I own a business and want to be sure it passes down to my children; what are the tax ramifications?
When transferring businesses to the next generation, income tax and estate tax strategies often collide. For clients concerned about the estate tax with businesses of significant worth, distributing shares or portions of a family owned business can be an effective planning tool. When transferring a non-controlling or non-majority portion of a business, there is in an inherent discount due to lack of control of the entity. That valuation discount can be leveraged to transfer significant components of a business utilizing annual and lifetime gifting exemption amounts.
On the income tax side, when you gift an asset, the donee takes over the donor's basis in the asset. On the eventual sale of that asset, there may be significant built in gain. Had the donor held onto that asset till they passed, they would have received a step up in basis and a subsequent sale of that asset by their heirs would not incur any income tax above the appreciation since death.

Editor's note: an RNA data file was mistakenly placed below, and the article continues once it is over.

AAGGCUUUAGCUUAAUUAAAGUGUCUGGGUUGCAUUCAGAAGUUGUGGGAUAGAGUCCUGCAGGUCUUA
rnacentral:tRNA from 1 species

There are additional considerations for many businesses structured as S-Corps. S-corps have special ownership rules for shareholders and improper gifting techniques can result in a revocation of the valuable S-election.
** Disclaimer Required by IRS Circular 230** Unless otherwise expressly approved in advance by the undersigned, any discussion of federal tax matters herein is not intended and cannot be used 1) to avoid penalties under the Federal tax laws, or 2) to promote, market or recommend to another party any transaction or tax-related matter addressed.